2015 Report CardRead our 2015 Report Card for Carper »
Our unique analysis of the bills Carper has sponsored and cosponsored provides insight into his position in the Senate.
Each dot in the chart below is a member of the Senate. The dots are positioned horizontally according to our progressive—conservative ideology score and vertically according to our leadership score (leaders toward the top). Carper is shown as a purple triangle. (analysis methodology)
Thomas Carper sits on the following committees:
Senate Committee on Homeland Security and Governmental Affairs
- Ex Officio, Subcommittee on Federal Spending Oversight and Emergency Management
- Ex Officio, Subcommittee on Permanent Subcommittee on Investigations
- Ex Officio, Subcommittee on Regulatory Affairs and Federal Management
Senate Committee on Environment and Public Works
- Ranking Member, Subcommittee on Clean Air and Nuclear Safety
- Member, Subcommittee on Fisheries, Water, and Wildlife
- Member, Subcommittee on Superfund, Waste Management, and Regulatory Oversight
- Member, Subcommittee on Transportation and Infrastructure
- Senate Committee on Finance
Carper sponsors bills primarily in these issue areas:
Government Operations and Politics (36%) Foreign Trade and International Finance (24%) Taxation (13%) Health (10%) Education (4%) Environmental Protection (4%) Transportation and Public Works (4%) Finance and Financial Sector (4%)
Some of Carper’s most recently sponsored bills include...
- S. 2834: Getting Results through Enhanced Accountability and Transparency Act of 2016
- S. 2816: Diesel Emissions Reduction Act of 2016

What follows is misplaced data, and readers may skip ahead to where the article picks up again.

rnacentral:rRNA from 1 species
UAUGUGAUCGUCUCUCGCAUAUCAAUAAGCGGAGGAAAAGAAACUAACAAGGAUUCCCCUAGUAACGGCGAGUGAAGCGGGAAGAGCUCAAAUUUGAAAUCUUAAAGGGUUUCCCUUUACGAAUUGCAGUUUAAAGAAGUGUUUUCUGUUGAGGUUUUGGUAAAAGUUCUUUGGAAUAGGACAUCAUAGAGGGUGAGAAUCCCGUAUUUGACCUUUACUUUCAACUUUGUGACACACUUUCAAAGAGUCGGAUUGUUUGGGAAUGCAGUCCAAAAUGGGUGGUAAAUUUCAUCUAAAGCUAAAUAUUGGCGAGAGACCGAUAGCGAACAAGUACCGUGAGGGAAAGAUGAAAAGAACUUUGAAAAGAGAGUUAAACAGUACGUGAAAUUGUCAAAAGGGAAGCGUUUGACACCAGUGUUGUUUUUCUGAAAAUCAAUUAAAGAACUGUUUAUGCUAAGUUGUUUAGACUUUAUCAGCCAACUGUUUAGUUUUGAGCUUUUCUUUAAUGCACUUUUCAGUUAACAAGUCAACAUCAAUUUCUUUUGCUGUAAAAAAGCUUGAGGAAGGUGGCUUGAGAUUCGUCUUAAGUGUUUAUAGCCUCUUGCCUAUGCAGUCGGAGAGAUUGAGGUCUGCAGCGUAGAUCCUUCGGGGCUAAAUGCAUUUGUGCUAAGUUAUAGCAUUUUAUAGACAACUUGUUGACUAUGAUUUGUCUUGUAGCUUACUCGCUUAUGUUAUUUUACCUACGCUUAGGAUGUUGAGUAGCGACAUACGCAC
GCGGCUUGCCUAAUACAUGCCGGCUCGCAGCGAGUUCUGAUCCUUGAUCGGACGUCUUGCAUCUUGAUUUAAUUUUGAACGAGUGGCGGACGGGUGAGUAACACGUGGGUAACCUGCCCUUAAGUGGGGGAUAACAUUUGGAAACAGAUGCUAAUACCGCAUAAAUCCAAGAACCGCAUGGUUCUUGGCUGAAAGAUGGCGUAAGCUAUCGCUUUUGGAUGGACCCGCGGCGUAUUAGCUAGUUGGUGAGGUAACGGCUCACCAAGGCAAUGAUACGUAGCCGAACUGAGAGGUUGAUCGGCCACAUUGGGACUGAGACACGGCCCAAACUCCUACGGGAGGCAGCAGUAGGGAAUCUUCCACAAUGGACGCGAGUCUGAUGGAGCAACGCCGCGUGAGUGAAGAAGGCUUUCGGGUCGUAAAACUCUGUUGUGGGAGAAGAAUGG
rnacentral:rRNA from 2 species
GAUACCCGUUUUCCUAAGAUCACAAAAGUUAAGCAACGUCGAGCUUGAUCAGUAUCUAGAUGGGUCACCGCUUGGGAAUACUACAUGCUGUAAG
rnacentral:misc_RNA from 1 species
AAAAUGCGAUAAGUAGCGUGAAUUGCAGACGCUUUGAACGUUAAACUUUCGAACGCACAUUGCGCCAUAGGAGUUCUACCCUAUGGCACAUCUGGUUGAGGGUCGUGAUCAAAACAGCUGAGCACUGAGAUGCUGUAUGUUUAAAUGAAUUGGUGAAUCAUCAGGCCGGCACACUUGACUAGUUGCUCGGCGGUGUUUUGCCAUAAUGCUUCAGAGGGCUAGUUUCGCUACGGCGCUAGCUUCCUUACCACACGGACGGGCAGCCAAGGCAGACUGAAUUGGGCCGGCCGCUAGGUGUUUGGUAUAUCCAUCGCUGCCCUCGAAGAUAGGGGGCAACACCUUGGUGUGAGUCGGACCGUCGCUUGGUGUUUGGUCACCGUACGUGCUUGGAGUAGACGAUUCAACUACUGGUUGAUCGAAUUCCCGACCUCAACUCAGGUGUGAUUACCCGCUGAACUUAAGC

- S. 2522: A bill to amend the Homeland Security Act of 2002 to build partnerships ...
- S. 2509: Federal Property Management Reform Act of 2016
- S. 2369: Community Partnership Act of 2015
- S. 2133: Fraud Reduction and Data Analytics Act of 2015
- S. 2051: Improving Postal Operations, Service, and Transparency Act of 2015
View All » (including bills from previous years)
From Jan 2001 to Jun 2016, Carper missed 48 of 4,898 roll call votes, which is 1.0%. This is better than the median of 1.6% among the lifetime records of senators currently serving. The chart below reports missed votes over time.
|Time Period||Votes Eligible||Missed Votes||Percent||Percentile|
The information on this page is originally sourced from a variety of materials, including:
- The House and Senate websites, for committee membership and voting records
- Congressional Biographical Directory for elected positions
- United States Congressional Roll Call Voting Records, 1789-1990 by Howard L. Rosenthal and Keith T. Poole.
- Martis’s “The Historical Atlas of Political Parties in the United States Congress”, via Keith Poole’s roll call votes data set, for political party affiliation for Members of Congress from 1789 through about year 2000
- GPO Member Guide for the photo
- THOMAS, for sponsored bills